Way, truth, life: these are not abstract concepts but the embodied Christ in your lives, and also how the Triune God lives embodied in you.
Pr. Joseph G. Crippen
The Fifth Sunday of Easter, year A
Text: John 14:1-14
Beloved in Christ, grace to you, and peace in the name of the Father, and of the + Son, and of the Holy Spirit. Amen
That was Jesus’ answer to Thomas and to Philip. “I am.” He didn’t explain or teach them anything. He simply said, “I am what you are asking.”
Thomas wanted a map to where Jesus was going, the place with God. He wanted to know the way there.
“I am the way,” Jesus said. “And the truth. And the life.”
Philip wanted to see God for himself, the one Jesus called “Father,” to whom Jesus said he was returning. He thought if Jesus just showed them what he was talking about it would help.
“If you’ve seen me, you’ve seen God,” Jesus said.
We reduce “the way, the truth, and the life” to theological concepts to understand and discuss. We talk about God the Father and God the Son and God the Spirit, as if the Triune God were an object to be studied, dissected, understood. But the Incarnate God-with-us points us in a completely different direction. “I am,” is what Jesus says.
I am the way, Jesus says.
The way of Christ, which Jesus often speaks of, is a way shaped like a cross, a way of vulnerable, sacrificial love. But it is not a way that can be laid out, mapped, with instructions, a list of actions you do. That’s the way the world works, but as poet W. H. Auden says, Jesus is a Way “through the land of Unlikeness.”1 Jesus doesn’t have a book called “The Ten Steps to Faithfully Follow My Way.” Jesus says, “I am the Way.”
The way of Christ begins and ends with looking at Jesus, the Christ, the Word of God. Jesus is a way of living, a way of loving, a way of relating to God and to neighbor. So you can’t know the Way until you live in the One who is the Way.
Poet and priest George Herbert describes Jesus the Way as “such a Way as gives us breath.”2 In your breathing-in Christ’s love and grace you begin to live Christ’s love and grace. You become vulnerable in your love because God is vulnerable in God’s love, and you’re breathing that vulnerability in, becoming what you already are in Christ. Love of God and love of neighbor then flows from you.
I am the Truth, Jesus says.
Jesus didn’t teach an abstract concept called Truth. He said knowing the Truth would set his followers free. And then he said, “I am the Truth.” I am what you seek.
Jesus embodies the Truth that God loves humanity deeply enough to join our life. All God’s true intention for the creation is known in Jesus, God in our own human flesh and blood, skin and bones. Every breath Jesus takes is God’s breath breathing in our life, and saying, “this is good, I love this.”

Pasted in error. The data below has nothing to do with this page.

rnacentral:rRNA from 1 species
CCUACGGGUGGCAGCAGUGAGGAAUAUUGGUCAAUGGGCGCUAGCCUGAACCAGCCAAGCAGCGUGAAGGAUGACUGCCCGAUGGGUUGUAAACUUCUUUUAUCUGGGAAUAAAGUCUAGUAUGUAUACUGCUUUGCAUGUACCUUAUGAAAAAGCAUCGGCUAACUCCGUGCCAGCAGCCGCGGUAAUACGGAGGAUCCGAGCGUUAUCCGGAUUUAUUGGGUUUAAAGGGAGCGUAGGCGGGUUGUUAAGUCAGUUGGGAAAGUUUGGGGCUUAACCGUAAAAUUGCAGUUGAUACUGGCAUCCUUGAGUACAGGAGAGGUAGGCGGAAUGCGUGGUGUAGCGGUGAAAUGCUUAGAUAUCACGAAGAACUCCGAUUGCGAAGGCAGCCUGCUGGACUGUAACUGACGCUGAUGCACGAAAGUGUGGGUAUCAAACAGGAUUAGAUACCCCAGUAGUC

To know God’s Truth is not to have a fact to fight over, a possession saying you’re right and I’m wrong. To know God’s Truth is to know, in person, Jesus, the Truth of God’s love for you and for the world, who is real and alive and with you.
And this Truth is, as Herbert so beautifully says, “such a Truth as ends all strife.” When you live in the One who is God’s Truth there’s nothing to fight over. Instead you find, as Auden says, in the midst of the “Kingdom of Anxiety” in which we live, the home you’ve been looking for your whole life. A home of Truth that God is embodied in you and in all creatures.
I am the Life, Jesus says.
Last week Jesus said he wanted all God’s children to “have life, and have it abundantly.”
Now he says, “I am that Life.” To breathe in and become Christ’s Way, to imagine the Truth that your very life and body are beloved by God and inhabited by God, is to finally know true life.
“Such a Life as killeth death,” Herbert wrote. And not just death at the end of our mortal lives, though Jesus certainly promises that in this part of John’s Gospel. Jesus the Life kills death in all its forms, whether fear of a global pandemic that confines us to homes while sending others into deep danger, or any fear and anxiety that threaten us. Jesus deeply wishes for you to know him as Life now. Abundantly. In this “World of the Flesh,” as Auden puts it. Because death has no power over you even in this world.
I am, Jesus says. I am for you and I am for this world.
This is a wonderful gift in this terrible time of crisis, where every day we wake up to news that is worse, where we still haven’t reached the peak of this wave, where we don’t know how any of this will look when it settles down, and even when that might begin to happen.
Nothing can separate you from the love of God in the One who is your Way, your Truth, and your Life. Because now you live in “I Am” yourself. You embody Christ’s Way, Christ’s Truth, and so you know Christ’s Life. And your God-embodied life and love now say to your world, “I am. And you can be, too.”
In the name of Jesus. Amen
1 This, and subsequent Auden quotes: W. H. Auden, For the Time Being – A Christmas Oratorio, part 8, “The Flight into Egypt: IV: Chorus; in W. H. Auden Collected Poems, ed. Edward Mendelson; copyright 2007 The Modern Library, New York; page 400. Set as a hymn in Hymnal 1982, Episcopal Church U.S.A., hymn 464.
2 This, and subsequent Herbert quotes: George Herbert, The Call, stanza 1; in George Herbert – the Complete English Works, ed. Ann Pasternak Slater; copyright 1995 Everyman’s Library, Alfred P. Knopf, New York; p. 153. Set as a hymn in Evangelical Lutheran Worship, to Ralph Vaughan Williams’ tune, hymn 816.